1. Sanitary pads
>Year invented: 1914
The earliest evidence of tampon-like feminine hygiene products dates back to Europe in the 18th and 19th centuries, but the modern tampon has its roots in World War I. Until the 1920s, there was no ubiquitous form of menstrual absorption products, and many women relied on homemade solutions. During WWI, a cheap alternative padding was developed when a cotton supply shortage increased the demand for other forms of cheap bandaging. The same material would also be used in the development of Kleenex as a one-use replacement for handkerchiefs.
Under a government contract, Kimberly-Clark Co. was able to manufacture cellucotton, an absorbent material made from wood pulp. The material caught the attention of Red Cross nurses, who began to utilize cellucotton wads during menstruation. After the war, Kimberly-Clark repurposed cellucotton to make sanitary napkins and Kotex pads. While today it is estimated that 70% of women of menstruating age use tampons, many drug and department stores initially refused to carry the Kotex pads due to sensitivity to the issue.
2. Aviator sunglasses
>Year invented: 1930s
Today an iconic fashion item, the characteristic shape and dark lenses of aviator sunglasses were once necessary protection for test pilots subject to the dangerously bright sunlight of the upper atmosphere. In the 1930s, optics manufacturer Bausch & Lomb developed aviator goggles under the direction of the U.S. Army Air Corps. Bausch & Lomb rebranded the sunglasses in 1937 as Ray-Ban — as they banish the sun’s rays — and sold them to the civilian population.
By World War II, aviators were a standard accessory for U.S. soldiers. The glasses were further popularized by Hollywood stars in the 1950s, and the cultural vanguard continued to wear them throughout the decades.
3. Weather radar
>Year invented: 1930s
The same radar technology used in weather forecasting was once used to save Allied lives in World War II. In the 1930s, researchers observed that aircraft could disrupt a radio signal. This discovery led to the use of radar as a means of detecting enemy planes during the war.
This technology was far from perfect. Some radar operators noticed that the weather could cause interference with the readouts. After the war, researchers were able to fine tune radar technology, making it possible to detect severe storms and high winds earlier than ever possible before.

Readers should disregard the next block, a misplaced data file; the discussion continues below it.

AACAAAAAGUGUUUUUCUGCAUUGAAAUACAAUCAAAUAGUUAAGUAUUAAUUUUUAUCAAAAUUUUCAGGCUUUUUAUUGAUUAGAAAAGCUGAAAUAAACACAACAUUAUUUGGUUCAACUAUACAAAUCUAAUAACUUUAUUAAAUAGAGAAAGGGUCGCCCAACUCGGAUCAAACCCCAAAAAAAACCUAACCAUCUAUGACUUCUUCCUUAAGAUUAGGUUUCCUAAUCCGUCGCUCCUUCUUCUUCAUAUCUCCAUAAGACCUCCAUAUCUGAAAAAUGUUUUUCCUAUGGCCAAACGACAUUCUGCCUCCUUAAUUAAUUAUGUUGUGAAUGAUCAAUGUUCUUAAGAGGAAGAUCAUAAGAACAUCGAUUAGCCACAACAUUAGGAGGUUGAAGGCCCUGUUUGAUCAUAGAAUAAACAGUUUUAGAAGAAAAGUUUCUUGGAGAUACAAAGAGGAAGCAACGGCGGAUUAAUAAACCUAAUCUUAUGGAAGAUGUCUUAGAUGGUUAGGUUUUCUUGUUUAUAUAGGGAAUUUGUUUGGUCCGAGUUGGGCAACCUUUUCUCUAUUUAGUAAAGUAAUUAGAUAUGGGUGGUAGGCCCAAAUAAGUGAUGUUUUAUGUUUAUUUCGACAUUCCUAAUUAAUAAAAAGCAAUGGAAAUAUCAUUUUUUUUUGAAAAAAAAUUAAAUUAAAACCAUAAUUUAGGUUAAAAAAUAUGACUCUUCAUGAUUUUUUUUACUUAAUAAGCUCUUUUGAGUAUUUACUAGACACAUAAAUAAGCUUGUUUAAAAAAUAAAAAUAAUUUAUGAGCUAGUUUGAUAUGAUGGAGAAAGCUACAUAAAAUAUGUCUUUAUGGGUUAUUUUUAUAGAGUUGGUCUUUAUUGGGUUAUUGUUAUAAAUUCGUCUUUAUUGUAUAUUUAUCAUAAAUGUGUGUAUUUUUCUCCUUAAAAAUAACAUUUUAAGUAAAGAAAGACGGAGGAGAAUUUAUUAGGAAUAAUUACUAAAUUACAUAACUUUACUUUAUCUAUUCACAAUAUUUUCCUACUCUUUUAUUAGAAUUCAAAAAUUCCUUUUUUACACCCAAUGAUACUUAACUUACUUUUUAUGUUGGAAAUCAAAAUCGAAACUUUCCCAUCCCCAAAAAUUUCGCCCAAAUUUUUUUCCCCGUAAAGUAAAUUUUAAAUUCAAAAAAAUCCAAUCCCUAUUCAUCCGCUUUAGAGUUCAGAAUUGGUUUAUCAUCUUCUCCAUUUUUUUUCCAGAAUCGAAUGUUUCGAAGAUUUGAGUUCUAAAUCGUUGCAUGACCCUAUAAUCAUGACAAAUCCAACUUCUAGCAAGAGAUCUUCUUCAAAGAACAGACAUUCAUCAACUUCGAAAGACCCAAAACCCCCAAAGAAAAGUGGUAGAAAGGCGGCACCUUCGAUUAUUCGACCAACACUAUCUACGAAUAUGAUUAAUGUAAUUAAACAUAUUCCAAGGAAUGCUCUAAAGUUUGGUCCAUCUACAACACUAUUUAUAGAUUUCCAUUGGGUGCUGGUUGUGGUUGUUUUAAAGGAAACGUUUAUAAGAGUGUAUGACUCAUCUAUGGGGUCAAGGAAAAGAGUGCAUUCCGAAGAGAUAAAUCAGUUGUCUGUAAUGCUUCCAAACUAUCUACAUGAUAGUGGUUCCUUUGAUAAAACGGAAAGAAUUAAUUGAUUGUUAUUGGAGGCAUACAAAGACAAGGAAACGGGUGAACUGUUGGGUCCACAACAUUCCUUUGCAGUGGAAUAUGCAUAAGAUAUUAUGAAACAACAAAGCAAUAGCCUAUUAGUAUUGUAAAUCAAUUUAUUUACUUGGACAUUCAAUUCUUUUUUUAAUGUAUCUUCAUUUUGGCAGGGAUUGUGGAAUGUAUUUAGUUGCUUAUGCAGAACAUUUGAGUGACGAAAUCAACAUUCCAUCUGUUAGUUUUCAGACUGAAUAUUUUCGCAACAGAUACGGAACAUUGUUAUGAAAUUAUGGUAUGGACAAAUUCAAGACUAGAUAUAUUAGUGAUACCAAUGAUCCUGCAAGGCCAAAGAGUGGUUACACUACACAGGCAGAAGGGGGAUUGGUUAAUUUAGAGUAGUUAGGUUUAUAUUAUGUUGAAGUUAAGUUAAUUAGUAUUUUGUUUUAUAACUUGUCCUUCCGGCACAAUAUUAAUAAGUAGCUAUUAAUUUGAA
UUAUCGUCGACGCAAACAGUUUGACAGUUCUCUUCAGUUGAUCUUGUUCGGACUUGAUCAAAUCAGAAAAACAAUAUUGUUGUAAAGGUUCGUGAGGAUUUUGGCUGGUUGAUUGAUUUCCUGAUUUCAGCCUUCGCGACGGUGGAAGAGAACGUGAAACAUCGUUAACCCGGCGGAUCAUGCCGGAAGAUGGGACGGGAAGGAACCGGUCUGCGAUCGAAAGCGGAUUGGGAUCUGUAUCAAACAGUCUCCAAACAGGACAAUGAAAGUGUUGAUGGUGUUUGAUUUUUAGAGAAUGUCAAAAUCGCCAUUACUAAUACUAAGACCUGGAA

>Year invented: 1940
In World War II, the U.S. Army had a need for a light reconnaissance vehicle and asked automakers to develop prototypes and submit proposals. The government chose the design of American Bantam car company — a four-wheel drive vehicle with a top speed of 65 mph. The automobile’s namesake, General Purpose, was abbreviated to G.P. and eventually nicknamed Jeep. The Jeep proved an invaluable contribution to the U.S. military effort, with then General Dwight D. Eisenhower stating that “America could not have won World War II without it.” The company manufactured more than 600,000 jeeps during the war, and later sold the postwar surplus to the public rather cheaply.
Today, Fiat Chrysler Automobiles sells Jeeps. While the military use of jeeps has dwindled since World War II, U.S. sales of the Jeep Wrangler – which bears many of the design characteristics of the original – was over 200,000 in 2020.
5. Aerosol bug spray
>Year invented: 1941
In World War II, soldiers stationed in the South Pacific needed an easy way to kill mosquitos, which could potentially carry malaria. In a partnership with the Department of Defense, two scientists with the U.S. Department of Agriculture, Lyle Goodhue and William Sullivan, took on the task of developing a way to deliver insecticide as a fine mist. The first aerosol can was patented in 1941 and nicknamed “bug bomb” by soldiers.
In 1949, engineer and veteran Robert Abplanalp patented a cheaper plastic aerosol valve meant for commercial mass production. He started the Precision Valve Corporation to market the invention and turned a profit almost immediately. The aerosol can has since been refined and is now less harmful to the environment.